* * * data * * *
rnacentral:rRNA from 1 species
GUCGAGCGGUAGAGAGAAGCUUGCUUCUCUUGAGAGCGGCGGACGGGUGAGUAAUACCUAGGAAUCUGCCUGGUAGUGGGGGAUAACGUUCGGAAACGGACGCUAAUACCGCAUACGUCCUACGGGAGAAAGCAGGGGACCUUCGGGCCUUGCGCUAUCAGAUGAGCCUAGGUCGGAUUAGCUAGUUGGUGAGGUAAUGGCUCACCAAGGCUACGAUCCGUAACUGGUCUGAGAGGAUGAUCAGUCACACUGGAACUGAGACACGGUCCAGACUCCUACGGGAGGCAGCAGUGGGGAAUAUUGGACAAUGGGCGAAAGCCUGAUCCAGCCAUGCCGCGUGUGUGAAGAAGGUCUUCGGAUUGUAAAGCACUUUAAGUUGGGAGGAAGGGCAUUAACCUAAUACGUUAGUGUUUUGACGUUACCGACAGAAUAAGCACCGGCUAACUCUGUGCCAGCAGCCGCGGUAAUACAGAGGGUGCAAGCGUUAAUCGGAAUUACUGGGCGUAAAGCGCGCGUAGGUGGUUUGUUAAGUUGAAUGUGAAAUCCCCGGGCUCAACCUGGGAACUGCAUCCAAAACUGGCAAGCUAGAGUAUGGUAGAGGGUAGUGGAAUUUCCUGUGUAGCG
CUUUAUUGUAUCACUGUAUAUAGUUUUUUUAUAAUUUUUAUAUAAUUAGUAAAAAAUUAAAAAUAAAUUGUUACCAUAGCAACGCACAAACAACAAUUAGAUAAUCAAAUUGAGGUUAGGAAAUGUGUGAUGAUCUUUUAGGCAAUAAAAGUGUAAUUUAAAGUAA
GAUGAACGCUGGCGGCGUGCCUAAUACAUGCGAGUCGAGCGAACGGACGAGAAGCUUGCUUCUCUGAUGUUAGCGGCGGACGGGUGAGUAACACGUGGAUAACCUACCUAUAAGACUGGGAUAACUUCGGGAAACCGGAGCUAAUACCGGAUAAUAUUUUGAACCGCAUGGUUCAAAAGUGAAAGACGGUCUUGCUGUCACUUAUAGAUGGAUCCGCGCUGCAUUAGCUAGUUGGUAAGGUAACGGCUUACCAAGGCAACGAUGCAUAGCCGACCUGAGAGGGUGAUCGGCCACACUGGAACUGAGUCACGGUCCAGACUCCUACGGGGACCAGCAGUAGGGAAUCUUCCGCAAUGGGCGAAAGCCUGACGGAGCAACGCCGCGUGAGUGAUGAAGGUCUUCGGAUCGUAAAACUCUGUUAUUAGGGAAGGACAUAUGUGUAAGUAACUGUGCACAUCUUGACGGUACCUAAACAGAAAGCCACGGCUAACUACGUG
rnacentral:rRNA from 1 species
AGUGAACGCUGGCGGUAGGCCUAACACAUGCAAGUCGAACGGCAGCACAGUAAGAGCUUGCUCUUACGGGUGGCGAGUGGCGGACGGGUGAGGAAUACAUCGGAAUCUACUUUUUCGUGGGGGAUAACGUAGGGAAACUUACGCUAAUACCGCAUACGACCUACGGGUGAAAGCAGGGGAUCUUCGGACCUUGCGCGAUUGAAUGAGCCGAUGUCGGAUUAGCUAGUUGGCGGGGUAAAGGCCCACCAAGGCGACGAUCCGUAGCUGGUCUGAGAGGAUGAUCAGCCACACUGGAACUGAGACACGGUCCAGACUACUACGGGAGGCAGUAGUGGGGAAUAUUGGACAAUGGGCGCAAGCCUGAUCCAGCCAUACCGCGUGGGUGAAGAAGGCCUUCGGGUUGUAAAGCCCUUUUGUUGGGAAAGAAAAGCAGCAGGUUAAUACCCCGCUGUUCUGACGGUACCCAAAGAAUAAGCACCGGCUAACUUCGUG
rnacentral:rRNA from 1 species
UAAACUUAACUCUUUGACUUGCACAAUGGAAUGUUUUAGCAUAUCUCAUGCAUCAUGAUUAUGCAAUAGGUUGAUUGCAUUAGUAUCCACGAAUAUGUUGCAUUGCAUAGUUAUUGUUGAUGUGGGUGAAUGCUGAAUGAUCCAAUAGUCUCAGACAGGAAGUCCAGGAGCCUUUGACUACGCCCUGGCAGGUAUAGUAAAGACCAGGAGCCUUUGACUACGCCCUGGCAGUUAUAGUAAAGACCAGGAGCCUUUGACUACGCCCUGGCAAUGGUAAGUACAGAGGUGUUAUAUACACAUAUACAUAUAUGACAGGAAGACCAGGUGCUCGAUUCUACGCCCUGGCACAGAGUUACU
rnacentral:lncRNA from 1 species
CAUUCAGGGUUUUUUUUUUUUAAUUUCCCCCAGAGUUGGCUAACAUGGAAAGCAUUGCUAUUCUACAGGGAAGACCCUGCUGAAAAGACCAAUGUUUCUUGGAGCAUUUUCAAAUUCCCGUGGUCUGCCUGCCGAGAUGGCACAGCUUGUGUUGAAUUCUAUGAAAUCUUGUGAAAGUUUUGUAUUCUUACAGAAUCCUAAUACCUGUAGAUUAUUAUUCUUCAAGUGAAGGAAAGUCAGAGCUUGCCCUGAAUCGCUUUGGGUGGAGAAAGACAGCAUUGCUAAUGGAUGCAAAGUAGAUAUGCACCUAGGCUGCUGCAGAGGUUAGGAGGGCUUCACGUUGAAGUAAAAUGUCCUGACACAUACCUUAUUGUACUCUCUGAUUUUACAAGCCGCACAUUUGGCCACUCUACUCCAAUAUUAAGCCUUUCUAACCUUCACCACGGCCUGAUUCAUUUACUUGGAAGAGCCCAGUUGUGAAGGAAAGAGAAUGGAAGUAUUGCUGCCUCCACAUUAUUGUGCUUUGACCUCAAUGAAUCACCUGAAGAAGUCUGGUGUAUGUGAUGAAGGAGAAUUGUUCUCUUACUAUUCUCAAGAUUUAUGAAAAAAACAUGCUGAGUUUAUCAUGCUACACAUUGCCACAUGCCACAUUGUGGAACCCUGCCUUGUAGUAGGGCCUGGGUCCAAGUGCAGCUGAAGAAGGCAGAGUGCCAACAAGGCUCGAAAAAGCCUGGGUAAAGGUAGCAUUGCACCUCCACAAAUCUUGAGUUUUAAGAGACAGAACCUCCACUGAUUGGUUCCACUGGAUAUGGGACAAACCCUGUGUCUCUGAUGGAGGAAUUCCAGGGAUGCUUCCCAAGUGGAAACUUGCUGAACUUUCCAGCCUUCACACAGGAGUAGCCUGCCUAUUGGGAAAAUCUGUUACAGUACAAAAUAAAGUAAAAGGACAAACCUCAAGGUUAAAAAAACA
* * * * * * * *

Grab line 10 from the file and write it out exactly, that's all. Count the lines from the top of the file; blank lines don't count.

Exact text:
CAUUCAGGGUUUUUUUUUUUUAAUUUCCCCCAGAGUUGGCUAACAUGGAAAGCAUUGCUAUUCUACAGGGAAGACCCUGCUGAAAAGACCAAUGUUUCUUGGAGCAUUUUCAAAUUCCCGUGGUCUGCCUGCCGAGAUGGCACAGCUUGUGUUGAAUUCUAUGAAAUCUUGUGAAAGUUUUGUAUUCUUACAGAAUCCUAAUACCUGUAGAUUAUUAUUCUUCAAGUGAAGGAAAGUCAGAGCUUGCCCUGAAUCGCUUUGGGUGGAGAAAGACAGCAUUGCUAAUGGAUGCAAAGUAGAUAUGCACCUAGGCUGCUGCAGAGGUUAGGAGGGCUUCACGUUGAAGUAAAAUGUCCUGACACAUACCUUAUUGUACUCUCUGAUUUUACAAGCCGCACAUUUGGCCACUCUACUCCAAUAUUAAGCCUUUCUAACCUUCACCACGGCCUGAUUCAUUUACUUGGAAGAGCCCAGUUGUGAAGGAAAGAGAAUGGAAGUAUUGCUGCCUCCACAUUAUUGUGCUUUGACCUCAAUGAAUCACCUGAAGAAGUCUGGUGUAUGUGAUGAAGGAGAAUUGUUCUCUUACUAUUCUCAAGAUUUAUGAAAAAAACAUGCUGAGUUUAUCAUGCUACACAUUGCCACAUGCCACAUUGUGGAACCCUGCCUUGUAGUAGGGCCUGGGUCCAAGUGCAGCUGAAGAAGGCAGAGUGCCAACAAGGCUCGAAAAAGCCUGGGUAAAGGUAGCAUUGCACCUCCACAAAUCUUGAGUUUUAAGAGACAGAACCUCCACUGAUUGGUUCCACUGGAUAUGGGACAAACCCUGUGUCUCUGAUGGAGGAAUUCCAGGGAUGCUUCCCAAGUGGAAACUUGCUGAACUUUCCAGCCUUCACACAGGAGUAGCCUGCCUAUUGGGAAAAUCUGUUACAGUACAAAAUAAAGUAAAAGGACAAACCUCAAGGUUAAAAAAACA